EARTHWORKS

Background on Colorado Oil and Gas Air Quality Regulations

How air quality related to oil and gas is regulated

The Air Pollution Control Division of the Colorado Department of Public Health and Environment is resposible for regulating air pollution emissions from oil and gas facilities operating in Colorado.

Recent changes to oil and gas air quality regulations (2004)

Denver has an air pollution problem. The concentrations of ground-level ozone (also known as smog) are so high that they occasionally exceed the acceptable level set by the federal government (the national 8-Hour Ozone Standard is 0.08 parts per million). Ground-level ozone, which is unhealthy to breathe, is formed when volatile organic compounds (VOCs) mix with oxides of nitrogen (NOx) and other pollutants in the presence of sunlight.

In 2004, Colorado developed an Ozone Action Plan, which was designed to quickly reduce VOC emissions so that the state would remain in compliance with the federal 8-hour Ozone Standard.

Part of Colorado's Ozone Action Plan involved the adoption of Section XII of Air Quality Control Commission Regulation Number 7 - "Emissions of Volatile Organic Compounds." This provision limited the amount of VOCs that could be emitted from oil and gas condensate storage tanks in an area surrounding Denver ("8-hour Ozone Control Area"). VOC emissions from condensate storage tanks in the area were to be reduced so that they would not exceed 91.3 tons per day (tpd) for the period from May 1 through September 30 (the "ozone season") in 2007, and would not exceed 100.9 tpd for the 2012 ozone season.

In 2005, the state Air Pollution Control Division reviewed data on emissions from oil and gas facilities and found that VOC emissions were significantly higher than had been anticipated in the Ozone Action Plan. The Division concluded that the emission reductions required under the current regulation were not going to keep the area below the 91.3 ton-per-day cap for 2007 as set forth in the Ozone Action Plan.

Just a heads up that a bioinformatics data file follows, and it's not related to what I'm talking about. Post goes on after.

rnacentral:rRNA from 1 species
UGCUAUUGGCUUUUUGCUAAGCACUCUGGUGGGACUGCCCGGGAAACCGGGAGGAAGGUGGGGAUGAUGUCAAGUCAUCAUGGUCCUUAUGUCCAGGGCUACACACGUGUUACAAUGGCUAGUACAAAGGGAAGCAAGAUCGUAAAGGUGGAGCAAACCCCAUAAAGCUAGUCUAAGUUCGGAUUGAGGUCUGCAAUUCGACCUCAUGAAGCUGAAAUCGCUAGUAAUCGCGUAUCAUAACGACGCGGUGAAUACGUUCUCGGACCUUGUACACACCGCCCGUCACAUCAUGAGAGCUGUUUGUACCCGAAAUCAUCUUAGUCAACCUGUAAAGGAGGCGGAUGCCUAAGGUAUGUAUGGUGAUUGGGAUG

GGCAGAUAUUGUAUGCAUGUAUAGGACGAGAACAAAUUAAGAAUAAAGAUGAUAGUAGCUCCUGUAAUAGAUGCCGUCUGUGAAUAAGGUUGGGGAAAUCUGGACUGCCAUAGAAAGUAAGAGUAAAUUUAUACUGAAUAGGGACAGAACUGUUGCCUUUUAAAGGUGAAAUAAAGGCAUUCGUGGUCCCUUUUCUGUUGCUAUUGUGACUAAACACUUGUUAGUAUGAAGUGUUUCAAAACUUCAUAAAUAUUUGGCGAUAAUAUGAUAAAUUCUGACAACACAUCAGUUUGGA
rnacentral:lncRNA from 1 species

The Division also found that unanticipated increases in VOC and nitrogen oxide (NOx) emissions due to oil and gas expansion in several areas of the State were contributing to high ozone levels in the Denver area and elsewhere in the State.

It is clear that if the oil and gas industry continues to emit VOCs at current levels, that parts of the state will exceed the federal ozone standard, which will endanger public health, as well as place a heavy burden on state regulators to develop detailed plan to address the problem.

Recent changes to the air quality regulations (2006)

On December 17, 2006, the Colorado Air Quality Control Commission (AQCC) adopted regulations to reduce oil and gas industry emissions of volatile organic compounds (VOCs), nitrogen oxides and carbon monoxide in both the Front Range Early Action Compact Area, and to a lesser extent, statewide.

The AQCC adopted the rules after two hearings, which were well attended by citizens, environmental organizations and the oil and gas industry. A number of citizens provided testimony on health effects being experienced by people living in oil and gas producing areas; and several citizens' and environmental groups provided testimony about the known health impacts of many oil and gas chemicals and equipment emissions.

Several Air Quality Control Commissioners voiced the need to begin addressing the health risks posed by oil and gas industry emissions as a reason to adopt more stringent air quality rules.

Under the new rules, VOCs from the most polluting condensate tanks would be reduced by 95%, and VOCs from the most polluting glycol dehydrators would be reduced by 90%. Additionally, VOCs, nitrogen oxides and carbon monoxide from combustion engines that are rated at 100 horsepower or higher would eventually be reduced by 75%.

According to an article in the Rocky Mountain News, the new rule includes:


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